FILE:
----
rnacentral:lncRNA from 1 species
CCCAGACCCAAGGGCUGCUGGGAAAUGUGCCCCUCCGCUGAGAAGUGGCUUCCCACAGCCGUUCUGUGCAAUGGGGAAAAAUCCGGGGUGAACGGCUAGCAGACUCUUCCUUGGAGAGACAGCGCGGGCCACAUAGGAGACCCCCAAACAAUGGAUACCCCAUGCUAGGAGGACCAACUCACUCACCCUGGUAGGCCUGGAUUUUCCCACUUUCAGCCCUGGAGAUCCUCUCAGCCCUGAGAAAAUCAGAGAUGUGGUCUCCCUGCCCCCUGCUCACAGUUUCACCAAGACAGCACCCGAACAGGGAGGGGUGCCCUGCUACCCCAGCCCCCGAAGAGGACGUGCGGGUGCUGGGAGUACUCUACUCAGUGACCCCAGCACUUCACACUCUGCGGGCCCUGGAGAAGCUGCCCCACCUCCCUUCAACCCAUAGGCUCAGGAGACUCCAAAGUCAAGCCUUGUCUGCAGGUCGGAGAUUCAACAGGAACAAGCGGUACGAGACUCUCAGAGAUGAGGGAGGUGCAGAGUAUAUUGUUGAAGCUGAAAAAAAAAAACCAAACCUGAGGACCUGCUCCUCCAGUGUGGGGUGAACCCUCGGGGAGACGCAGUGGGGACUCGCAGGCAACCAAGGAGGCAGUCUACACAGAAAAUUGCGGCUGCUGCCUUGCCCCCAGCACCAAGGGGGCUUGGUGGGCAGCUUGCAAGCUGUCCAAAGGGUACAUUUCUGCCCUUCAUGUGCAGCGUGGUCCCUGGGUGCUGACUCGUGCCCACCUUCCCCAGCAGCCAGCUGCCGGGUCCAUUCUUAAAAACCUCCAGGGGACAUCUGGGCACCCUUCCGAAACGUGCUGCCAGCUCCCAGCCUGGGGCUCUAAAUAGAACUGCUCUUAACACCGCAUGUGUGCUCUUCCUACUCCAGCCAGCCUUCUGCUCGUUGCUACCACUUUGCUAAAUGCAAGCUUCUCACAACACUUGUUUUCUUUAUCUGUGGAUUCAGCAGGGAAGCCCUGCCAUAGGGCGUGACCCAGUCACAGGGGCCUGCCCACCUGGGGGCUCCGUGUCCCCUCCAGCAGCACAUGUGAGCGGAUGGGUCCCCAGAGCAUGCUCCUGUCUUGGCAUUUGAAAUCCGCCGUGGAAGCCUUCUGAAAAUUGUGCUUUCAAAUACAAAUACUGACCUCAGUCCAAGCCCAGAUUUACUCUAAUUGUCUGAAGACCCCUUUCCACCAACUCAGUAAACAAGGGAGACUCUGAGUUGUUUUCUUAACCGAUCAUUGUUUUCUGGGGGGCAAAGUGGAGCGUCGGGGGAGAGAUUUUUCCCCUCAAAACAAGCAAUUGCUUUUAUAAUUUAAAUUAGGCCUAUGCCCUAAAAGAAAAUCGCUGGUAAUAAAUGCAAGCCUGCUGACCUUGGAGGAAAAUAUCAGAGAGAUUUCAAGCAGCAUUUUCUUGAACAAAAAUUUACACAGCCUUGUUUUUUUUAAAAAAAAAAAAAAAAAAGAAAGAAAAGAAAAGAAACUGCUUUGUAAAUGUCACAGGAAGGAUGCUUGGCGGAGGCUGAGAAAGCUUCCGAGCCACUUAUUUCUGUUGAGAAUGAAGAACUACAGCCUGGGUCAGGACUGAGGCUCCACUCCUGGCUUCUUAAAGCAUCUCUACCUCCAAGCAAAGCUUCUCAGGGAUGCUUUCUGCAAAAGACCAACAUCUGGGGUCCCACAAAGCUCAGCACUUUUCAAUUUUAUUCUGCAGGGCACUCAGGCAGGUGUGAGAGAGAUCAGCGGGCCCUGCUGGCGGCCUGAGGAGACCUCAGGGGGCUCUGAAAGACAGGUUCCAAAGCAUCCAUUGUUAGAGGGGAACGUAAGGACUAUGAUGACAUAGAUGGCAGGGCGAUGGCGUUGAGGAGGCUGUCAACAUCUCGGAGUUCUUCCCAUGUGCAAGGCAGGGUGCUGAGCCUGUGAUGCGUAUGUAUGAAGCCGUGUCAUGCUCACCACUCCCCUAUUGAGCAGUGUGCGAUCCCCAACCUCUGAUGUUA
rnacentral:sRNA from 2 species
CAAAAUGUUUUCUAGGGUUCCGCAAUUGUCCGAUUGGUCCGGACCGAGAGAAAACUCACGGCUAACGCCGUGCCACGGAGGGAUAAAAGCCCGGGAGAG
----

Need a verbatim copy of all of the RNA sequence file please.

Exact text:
rnacentral:lncRNA from 1 species
CCCAGACCCAAGGGCUGCUGGGAAAUGUGCCCCUCCGCUGAGAAGUGGCUUCCCACAGCCGUUCUGUGCAAUGGGGAAAAAUCCGGGGUGAACGGCUAGCAGACUCUUCCUUGGAGAGACAGCGCGGGCCACAUAGGAGACCCCCAAACAAUGGAUACCCCAUGCUAGGAGGACCAACUCACUCACCCUGGUAGGCCUGGAUUUUCCCACUUUCAGCCCUGGAGAUCCUCUCAGCCCUGAGAAAAUCAGAGAUGUGGUCUCCCUGCCCCCUGCUCACAGUUUCACCAAGACAGCACCCGAACAGGGAGGGGUGCCCUGCUACCCCAGCCCCCGAAGAGGACGUGCGGGUGCUGGGAGUACUCUACUCAGUGACCCCAGCACUUCACACUCUGCGGGCCCUGGAGAAGCUGCCCCACCUCCCUUCAACCCAUAGGCUCAGGAGACUCCAAAGUCAAGCCUUGUCUGCAGGUCGGAGAUUCAACAGGAACAAGCGGUACGAGACUCUCAGAGAUGAGGGAGGUGCAGAGUAUAUUGUUGAAGCUGAAAAAAAAAAACCAAACCUGAGGACCUGCUCCUCCAGUGUGGGGUGAACCCUCGGGGAGACGCAGUGGGGACUCGCAGGCAACCAAGGAGGCAGUCUACACAGAAAAUUGCGGCUGCUGCCUUGCCCCCAGCACCAAGGGGGCUUGGUGGGCAGCUUGCAAGCUGUCCAAAGGGUACAUUUCUGCCCUUCAUGUGCAGCGUGGUCCCUGGGUGCUGACUCGUGCCCACCUUCCCCAGCAGCCAGCUGCCGGGUCCAUUCUUAAAAACCUCCAGGGGACAUCUGGGCACCCUUCCGAAACGUGCUGCCAGCUCCCAGCCUGGGGCUCUAAAUAGAACUGCUCUUAACACCGCAUGUGUGCUCUUCCUACUCCAGCCAGCCUUCUGCUCGUUGCUACCACUUUGCUAAAUGCAAGCUUCUCACAACACUUGUUUUCUUUAUCUGUGGAUUCAGCAGGGAAGCCCUGCCAUAGGGCGUGACCCAGUCACAGGGGCCUGCCCACCUGGGGGCUCCGUGUCCCCUCCAGCAGCACAUGUGAGCGGAUGGGUCCCCAGAGCAUGCUCCUGUCUUGGCAUUUGAAAUCCGCCGUGGAAGCCUUCUGAAAAUUGUGCUUUCAAAUACAAAUACUGACCUCAGUCCAAGCCCAGAUUUACUCUAAUUGUCUGAAGACCCCUUUCCACCAACUCAGUAAACAAGGGAGACUCUGAGUUGUUUUCUUAACCGAUCAUUGUUUUCUGGGGGGCAAAGUGGAGCGUCGGGGGAGAGAUUUUUCCCCUCAAAACAAGCAAUUGCUUUUAUAAUUUAAAUUAGGCCUAUGCCCUAAAAGAAAAUCGCUGGUAAUAAAUGCAAGCCUGCUGACCUUGGAGGAAAAUAUCAGAGAGAUUUCAAGCAGCAUUUUCUUGAACAAAAAUUUACACAGCCUUGUUUUUUUUAAAAAAAAAAAAAAAAAAGAAAGAAAAGAAAAGAAACUGCUUUGUAAAUGUCACAGGAAGGAUGCUUGGCGGAGGCUGAGAAAGCUUCCGAGCCACUUAUUUCUGUUGAGAAUGAAGAACUACAGCCUGGGUCAGGACUGAGGCUCCACUCCUGGCUUCUUAAAGCAUCUCUACCUCCAAGCAAAGCUUCUCAGGGAUGCUUUCUGCAAAAGACCAACAUCUGGGGUCCCACAAAGCUCAGCACUUUUCAAUUUUAUUCUGCAGGGCACUCAGGCAGGUGUGAGAGAGAUCAGCGGGCCCUGCUGGCGGCCUGAGGAGACCUCAGGGGGCUCUGAAAGACAGGUUCCAAAGCAUCCAUUGUUAGAGGGGAACGUAAGGACUAUGAUGACAUAGAUGGCAGGGCGAUGGCGUUGAGGAGGCUGUCAACAUCUCGGAGUUCUUCCCAUGUGCAAGGCAGGGUGCUGAGCCUGUGAUGCGUAUGUAUGAAGCCGUGUCAUGCUCACCACUCCCCUAUUGAGCAGUGUGCGAUCCCCAACCUCUGAUGUUA
rnacentral:sRNA from 2 species
CAAAAUGUUUUCUAGGGUUCCGCAAUUGUCCGAUUGGUCCGGACCGAGAGAAAACUCACGGCUAACGCCGUGCCACGGAGGGAUAAAAGCCCGGGAGAG